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Friday, 08 August 2014 00:45
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Shobhana's edit

RBI gets it right on Asset Reconstruction Companies

Sales of non-performing loans to Asset Reconstruction Companies (ARCs) may have jumped to R34,000 crore, driving up the assets under management (AUM) to R42,000 crore, but that might really not have been such a good thing. For one, much of it was being driven by Security Receipts (SR) so that most of the risk remained with the banks. For their part, ARCs were willing to be accommodative when it came to valuing the assets since they forked out just 5% of the amount, banking on the fees to grow their bottom lines. A lot of this will now change after the Reserve Bank of India (RBI) rewrote the rules on Wednesday. The central bank, rightly, wants ARCs to have more skin in the game and, to this end, has upped the initial payment, requiring ARCs to be better capitalised. As a consequence, CRISIL estimates growth will moderate to 30% in the current year but there will be more discipline all around. To begin with, ARCs will not be so cavalier about how loans are priced since they need to cough up 15% of the value rather than just 5%, which means the pricing will be more realistic since capital doesn’t come cheap. And like before, they will need to stay invested for the entire duration of the SR. Also, while the fees have so far been calculated as a share of the value of the assets acquired, the income will now be booked as a percentage of the net asset value (NAV) to be determined by a rating agency. One might argue the ARC will simply up the fees, but that might not be so easy in a competitive environment.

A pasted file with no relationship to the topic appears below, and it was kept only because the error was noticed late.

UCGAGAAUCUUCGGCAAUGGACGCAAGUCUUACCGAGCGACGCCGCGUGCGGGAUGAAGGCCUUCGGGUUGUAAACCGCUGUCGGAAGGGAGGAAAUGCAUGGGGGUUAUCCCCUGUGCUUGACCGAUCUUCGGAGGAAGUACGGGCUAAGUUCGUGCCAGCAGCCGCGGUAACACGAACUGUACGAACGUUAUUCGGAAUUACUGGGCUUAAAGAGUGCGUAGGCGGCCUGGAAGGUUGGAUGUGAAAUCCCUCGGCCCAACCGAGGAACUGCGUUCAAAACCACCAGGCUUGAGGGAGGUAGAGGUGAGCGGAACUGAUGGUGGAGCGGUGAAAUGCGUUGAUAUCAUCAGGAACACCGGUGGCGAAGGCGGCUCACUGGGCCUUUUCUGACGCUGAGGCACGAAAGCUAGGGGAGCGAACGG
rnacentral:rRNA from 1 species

Hopefully, that will lead ARCs to focus more on what is called resolution and recovery—essentially figuring out how the asset can generate cash flows. Perhaps the best step RBI has taken is to allow the ARCs to become members of the Joint Lenders Forum (JLF). What that will do is to help speed up debt aggregation—essentially allow the ARC to ‘buy out’ the loans quickly and in ample quantities so that it can act fast. Indeed, where it took ARCs anywhere between 18 and 30 months to acquire the bulk of the loan, it is possible ARCs will take over most of it even as it is starting to turn bad; as the central bank has pointed out, time is of essence since assets that are already partly rotten can decay quickly. The new rules will, hopefully, encourage ARCs to focus on recovery.

 

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